"Cirrus Minor" is more like the Floyd you'd expect from this period. At first, I found the stately organ drone a shade dull, but the more I listen to it the more I seem to hear within it. Meanwhile, "More Blues" and "Quicksilver" sound as if they belong to the experimentation of "Ummagumma". In short, there's a lot packed into this album and it's one of the band's more interesting yet obscure releases. If you're interested in early post-Barrett Floyd, this is essential.
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2 of 2 people found the following review helpful
This pre-Ummagumma film score was written for Barbet Schroeder's `More', a reportedly unremarkable film set in Ibiza in the heyday of the Hippie era which would most likely be consigned to complete obscurity now were it not for the Pink Floyd soundtrack.

The music is similar in tone to that of the `Saucerful of Secrets' album, in that it showcases the emerging writing talents of immediate post-Barrett Floyd and the way the band was starting to gel as a musical quartet. `Cirrus Minor', `Green is the Colour' and `Cymbaline' are all pleasant and rather languid pieces reminiscent of warm summer days. The two exceptional tracks are `The Nile Song' and `Ibiza Bar' which are loud rock songs at odds with the rest of the album, and maybe the nearest Floyd ever came to recording heavy metal. David Gilmour stars on lead vocals even on tracks written by Roger Waters, and begins to reveal what an outstanding guitarist he was starting to become with an instantly recognisable style.

The 2011 remaster is superb, the best-ever of these rarely-performed pieces with warm sound and all instruments in perfect balance. If you like Floyd's music up to and including `Meddle' and have never heard this, check it out (it's also worth seeking out `Obscured by Clouds' which is even better).
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4 of 4 people found the following review helpful
on 2 April 2013
I bought this as a record when it first came out and Pink Floyd were still considered an 'underground' group. Despite reading that many thought it to be it to be a fairly poor effort, I think 'Main Theme' is one of Pink Floyd's finest ever recordings. The cover was brilliant and strange too!
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2 of 2 people found the following review helpful
on 29 December 2007
I've always been slightly wary about the lesser known albums in Pink Floyd's portfolio but after recently buying - and liking - ummagumma and atom heart mother I bought More. I really like David Gilmour's voice on this album and the songs seem more confident than those on Saucerful of Secrets. To me it connects the earlier albums to Meddle, Obscured by Clouds and Dark Side of the Moon - it feels like a process is occuring rather than an event. It's a good, mellow album which deserves a chance by other wary Pink Floyd fans!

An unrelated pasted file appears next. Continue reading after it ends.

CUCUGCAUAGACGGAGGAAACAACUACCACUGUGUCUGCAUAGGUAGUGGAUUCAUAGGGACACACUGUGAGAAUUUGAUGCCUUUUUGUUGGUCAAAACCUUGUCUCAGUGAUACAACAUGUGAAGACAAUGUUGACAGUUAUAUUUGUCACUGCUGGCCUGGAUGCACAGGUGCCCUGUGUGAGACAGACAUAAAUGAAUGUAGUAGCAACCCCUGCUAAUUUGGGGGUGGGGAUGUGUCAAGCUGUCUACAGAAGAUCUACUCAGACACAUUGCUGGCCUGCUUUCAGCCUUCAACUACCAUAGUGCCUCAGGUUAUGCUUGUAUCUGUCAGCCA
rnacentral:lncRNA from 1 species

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2 of 2 people found the following review helpful
on 9 July 2011
I used to hitch hike to see Pink Floyd if they were appearing near me in 69/70. I saw them at Luton Polytechnic and in Birmingham and also London. They changed such a lot after Syd Barrett left. I feel sure I saw this film but loved the music so much more - I used to have the LP. I adore The Nile Song and Up the Khyber. When they changed musically it felt like someone had died. Cirrus Minor is astounding poetically. I do love this album - the singing of Roger Waters is haunting. Marlene
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15 of 18 people found the following review helpful
This album is a collection of great chill out tracks and then some.
Recorded after Saucerful of Secrets but before Ummagumma it heralds the likes of Cirrus Minor and The Nile Song (both also on "Relics") but also some rather quaint yet beautiful numbers: Cymbaline, Crying Song, Green is the Colour. The best tracks are those that make use of the classic early floyd sound - Rick Wright's Turkish Delight keyboards. Check this out for the haunting "Main Theme" and Gilmour's strange comedy number "A Spanish Piece". I personally think Ibiza Bar (also on this album) is far more interesting that "The Nile Song" as it uses better effects on the guitar and seems to be better produced.
A classic.
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Syd Barrett was completely adrift from Pink Floyd by the time they recorded this soundtrack for the Barbet Schroeder directed film which dealt with heroin addiction on the island of Ibiza - a pretty depressing subject of spiralling abuse. This is definitely a Floyd album rather than a soundtrack in the accepted sense of the word. Schroeder wanted music that sounded as if somebody had just turned on the radio in the background. Floyd definitely achieved this with a mish mash of songs, instrumentals and a big variety of material that sets Cirrus Minor and The Nile Song side by side to show the band's developing versatility.

Cirrus Minor is quintessential Floyd complete with birdsong and dreamy passages that make it one of my favourite Floyd tracks. The Nile Song is almost post grunge in its feel and could even stand as a precursor to Nirvana. Elsewhere it's a mix of the dreamy visualistic music that the band was beginning to employ, along with the kitchen sink music that seems to include virtually every crash, bang and wallop possible. Many people ignore this album, but there is considerable merit here if you take the time to listen closely.